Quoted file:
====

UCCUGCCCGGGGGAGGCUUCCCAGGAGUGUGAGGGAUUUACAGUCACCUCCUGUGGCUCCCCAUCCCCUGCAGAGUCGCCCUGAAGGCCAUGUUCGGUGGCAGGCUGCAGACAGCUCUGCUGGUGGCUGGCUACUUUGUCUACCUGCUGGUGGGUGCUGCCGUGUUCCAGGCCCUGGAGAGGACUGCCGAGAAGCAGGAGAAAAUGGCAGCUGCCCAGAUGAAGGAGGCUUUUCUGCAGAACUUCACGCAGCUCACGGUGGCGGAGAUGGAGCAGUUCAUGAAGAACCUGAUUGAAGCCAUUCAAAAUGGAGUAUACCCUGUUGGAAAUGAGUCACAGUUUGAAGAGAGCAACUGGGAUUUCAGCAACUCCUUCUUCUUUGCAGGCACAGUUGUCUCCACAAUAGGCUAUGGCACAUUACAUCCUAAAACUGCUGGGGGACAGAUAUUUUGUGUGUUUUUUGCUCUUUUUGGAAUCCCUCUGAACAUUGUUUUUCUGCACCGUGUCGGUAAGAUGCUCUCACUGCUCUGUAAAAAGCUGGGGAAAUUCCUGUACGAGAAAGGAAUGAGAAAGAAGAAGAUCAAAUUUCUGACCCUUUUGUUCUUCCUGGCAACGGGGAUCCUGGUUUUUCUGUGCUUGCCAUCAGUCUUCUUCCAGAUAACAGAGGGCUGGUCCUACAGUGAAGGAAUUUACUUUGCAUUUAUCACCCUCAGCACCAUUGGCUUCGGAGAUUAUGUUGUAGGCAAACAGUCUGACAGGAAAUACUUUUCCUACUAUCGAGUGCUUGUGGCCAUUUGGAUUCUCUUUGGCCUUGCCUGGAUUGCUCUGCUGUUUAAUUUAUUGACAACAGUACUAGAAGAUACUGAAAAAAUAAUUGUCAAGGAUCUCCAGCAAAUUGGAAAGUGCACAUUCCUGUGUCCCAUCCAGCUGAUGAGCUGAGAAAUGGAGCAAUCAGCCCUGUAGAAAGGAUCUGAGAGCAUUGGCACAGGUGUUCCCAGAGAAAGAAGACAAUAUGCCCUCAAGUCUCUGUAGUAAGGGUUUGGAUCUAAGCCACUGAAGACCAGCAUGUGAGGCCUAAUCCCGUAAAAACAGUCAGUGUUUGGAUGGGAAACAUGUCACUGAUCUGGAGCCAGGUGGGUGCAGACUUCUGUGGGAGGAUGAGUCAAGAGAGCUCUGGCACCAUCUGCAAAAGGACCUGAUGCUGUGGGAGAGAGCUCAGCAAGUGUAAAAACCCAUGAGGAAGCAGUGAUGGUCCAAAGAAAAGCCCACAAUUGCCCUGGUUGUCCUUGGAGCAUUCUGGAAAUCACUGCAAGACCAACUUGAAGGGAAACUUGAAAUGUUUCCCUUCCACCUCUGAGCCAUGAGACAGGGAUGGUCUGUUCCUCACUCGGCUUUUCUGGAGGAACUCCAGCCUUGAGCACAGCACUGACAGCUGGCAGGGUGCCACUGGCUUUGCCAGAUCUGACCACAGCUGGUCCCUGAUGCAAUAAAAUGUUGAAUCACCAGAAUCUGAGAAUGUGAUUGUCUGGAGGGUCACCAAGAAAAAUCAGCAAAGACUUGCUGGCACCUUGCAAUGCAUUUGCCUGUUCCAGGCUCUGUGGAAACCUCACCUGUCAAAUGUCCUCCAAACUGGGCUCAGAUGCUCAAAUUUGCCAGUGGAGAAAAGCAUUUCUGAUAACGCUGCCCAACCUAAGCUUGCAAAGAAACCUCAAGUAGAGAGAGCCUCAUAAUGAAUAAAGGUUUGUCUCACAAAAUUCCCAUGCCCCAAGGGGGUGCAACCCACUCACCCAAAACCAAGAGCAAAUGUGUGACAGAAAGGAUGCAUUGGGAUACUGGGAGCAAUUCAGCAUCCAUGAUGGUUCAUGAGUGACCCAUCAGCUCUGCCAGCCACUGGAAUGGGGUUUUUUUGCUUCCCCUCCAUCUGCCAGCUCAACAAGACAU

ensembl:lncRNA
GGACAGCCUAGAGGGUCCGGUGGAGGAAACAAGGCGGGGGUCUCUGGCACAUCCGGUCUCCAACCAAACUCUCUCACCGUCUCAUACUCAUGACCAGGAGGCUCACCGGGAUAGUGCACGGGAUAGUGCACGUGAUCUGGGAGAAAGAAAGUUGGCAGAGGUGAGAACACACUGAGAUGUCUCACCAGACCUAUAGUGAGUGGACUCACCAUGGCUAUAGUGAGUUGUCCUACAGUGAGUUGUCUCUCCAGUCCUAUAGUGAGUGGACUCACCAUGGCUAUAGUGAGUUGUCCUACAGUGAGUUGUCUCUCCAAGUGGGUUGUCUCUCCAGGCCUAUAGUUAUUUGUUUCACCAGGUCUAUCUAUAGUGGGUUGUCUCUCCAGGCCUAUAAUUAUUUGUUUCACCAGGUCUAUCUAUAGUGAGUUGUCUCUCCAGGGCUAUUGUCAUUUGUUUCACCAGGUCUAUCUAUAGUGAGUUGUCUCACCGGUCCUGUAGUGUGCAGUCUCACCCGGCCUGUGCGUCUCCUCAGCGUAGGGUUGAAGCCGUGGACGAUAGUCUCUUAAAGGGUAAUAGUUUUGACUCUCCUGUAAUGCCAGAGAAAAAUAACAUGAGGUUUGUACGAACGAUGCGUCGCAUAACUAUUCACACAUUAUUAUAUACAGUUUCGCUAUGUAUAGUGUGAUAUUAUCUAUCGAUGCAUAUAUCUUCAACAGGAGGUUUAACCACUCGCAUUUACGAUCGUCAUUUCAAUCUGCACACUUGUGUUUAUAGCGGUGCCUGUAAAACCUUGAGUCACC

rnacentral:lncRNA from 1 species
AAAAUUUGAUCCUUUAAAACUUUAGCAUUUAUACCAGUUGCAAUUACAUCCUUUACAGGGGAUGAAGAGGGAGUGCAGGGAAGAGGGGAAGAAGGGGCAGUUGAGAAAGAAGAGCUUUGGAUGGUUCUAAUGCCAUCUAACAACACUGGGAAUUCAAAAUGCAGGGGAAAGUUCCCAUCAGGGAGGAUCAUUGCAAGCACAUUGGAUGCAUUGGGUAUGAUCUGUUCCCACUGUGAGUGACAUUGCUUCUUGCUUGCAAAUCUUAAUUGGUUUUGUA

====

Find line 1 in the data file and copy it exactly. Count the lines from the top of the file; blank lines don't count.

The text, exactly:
UCCUGCCCGGGGGAGGCUUCCCAGGAGUGUGAGGGAUUUACAGUCACCUCCUGUGGCUCCCCAUCCCCUGCAGAGUCGCCCUGAAGGCCAUGUUCGGUGGCAGGCUGCAGACAGCUCUGCUGGUGGCUGGCUACUUUGUCUACCUGCUGGUGGGUGCUGCCGUGUUCCAGGCCCUGGAGAGGACUGCCGAGAAGCAGGAGAAAAUGGCAGCUGCCCAGAUGAAGGAGGCUUUUCUGCAGAACUUCACGCAGCUCACGGUGGCGGAGAUGGAGCAGUUCAUGAAGAACCUGAUUGAAGCCAUUCAAAAUGGAGUAUACCCUGUUGGAAAUGAGUCACAGUUUGAAGAGAGCAACUGGGAUUUCAGCAACUCCUUCUUCUUUGCAGGCACAGUUGUCUCCACAAUAGGCUAUGGCACAUUACAUCCUAAAACUGCUGGGGGACAGAUAUUUUGUGUGUUUUUUGCUCUUUUUGGAAUCCCUCUGAACAUUGUUUUUCUGCACCGUGUCGGUAAGAUGCUCUCACUGCUCUGUAAAAAGCUGGGGAAAUUCCUGUACGAGAAAGGAAUGAGAAAGAAGAAGAUCAAAUUUCUGACCCUUUUGUUCUUCCUGGCAACGGGGAUCCUGGUUUUUCUGUGCUUGCCAUCAGUCUUCUUCCAGAUAACAGAGGGCUGGUCCUACAGUGAAGGAAUUUACUUUGCAUUUAUCACCCUCAGCACCAUUGGCUUCGGAGAUUAUGUUGUAGGCAAACAGUCUGACAGGAAAUACUUUUCCUACUAUCGAGUGCUUGUGGCCAUUUGGAUUCUCUUUGGCCUUGCCUGGAUUGCUCUGCUGUUUAAUUUAUUGACAACAGUACUAGAAGAUACUGAAAAAAUAAUUGUCAAGGAUCUCCAGCAAAUUGGAAAGUGCACAUUCCUGUGUCCCAUCCAGCUGAUGAGCUGAGAAAUGGAGCAAUCAGCCCUGUAGAAAGGAUCUGAGAGCAUUGGCACAGGUGUUCCCAGAGAAAGAAGACAAUAUGCCCUCAAGUCUCUGUAGUAAGGGUUUGGAUCUAAGCCACUGAAGACCAGCAUGUGAGGCCUAAUCCCGUAAAAACAGUCAGUGUUUGGAUGGGAAACAUGUCACUGAUCUGGAGCCAGGUGGGUGCAGACUUCUGUGGGAGGAUGAGUCAAGAGAGCUCUGGCACCAUCUGCAAAAGGACCUGAUGCUGUGGGAGAGAGCUCAGCAAGUGUAAAAACCCAUGAGGAAGCAGUGAUGGUCCAAAGAAAAGCCCACAAUUGCCCUGGUUGUCCUUGGAGCAUUCUGGAAAUCACUGCAAGACCAACUUGAAGGGAAACUUGAAAUGUUUCCCUUCCACCUCUGAGCCAUGAGACAGGGAUGGUCUGUUCCUCACUCGGCUUUUCUGGAGGAACUCCAGCCUUGAGCACAGCACUGACAGCUGGCAGGGUGCCACUGGCUUUGCCAGAUCUGACCACAGCUGGUCCCUGAUGCAAUAAAAUGUUGAAUCACCAGAAUCUGAGAAUGUGAUUGUCUGGAGGGUCACCAAGAAAAAUCAGCAAAGACUUGCUGGCACCUUGCAAUGCAUUUGCCUGUUCCAGGCUCUGUGGAAACCUCACCUGUCAAAUGUCCUCCAAACUGGGCUCAGAUGCUCAAAUUUGCCAGUGGAGAAAAGCAUUUCUGAUAACGCUGCCCAACCUAAGCUUGCAAAGAAACCUCAAGUAGAGAGAGCCUCAUAAUGAAUAAAGGUUUGUCUCACAAAAUUCCCAUGCCCCAAGGGGGUGCAACCCACUCACCCAAAACCAAGAGCAAAUGUGUGACAGAAAGGAUGCAUUGGGAUACUGGGAGCAAUUCAGCAUCCAUGAUGGUUCAUGAGUGACCCAUCAGCUCUGCCAGCCACUGGAAUGGGGUUUUUUUGCUUCCCCUCCAUCUGCCAGCUCAACAAGACAU